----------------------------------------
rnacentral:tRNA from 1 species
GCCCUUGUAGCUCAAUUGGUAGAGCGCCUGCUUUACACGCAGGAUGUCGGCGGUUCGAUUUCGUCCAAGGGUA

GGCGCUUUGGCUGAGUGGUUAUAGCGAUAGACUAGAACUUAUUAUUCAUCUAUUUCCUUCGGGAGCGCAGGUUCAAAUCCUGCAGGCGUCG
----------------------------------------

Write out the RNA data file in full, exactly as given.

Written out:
rnacentral:tRNA from 1 species
GCCCUUGUAGCUCAAUUGGUAGAGCGCCUGCUUUACACGCAGGAUGUCGGCGGUUCGAUUUCGUCCAAGGGUA

GGCGCUUUGGCUGAGUGGUUAUAGCGAUAGACUAGAACUUAUUAUUCAUCUAUUUCCUUCGGGAGCGCAGGUUCAAAUCCUGCAGGCGUCG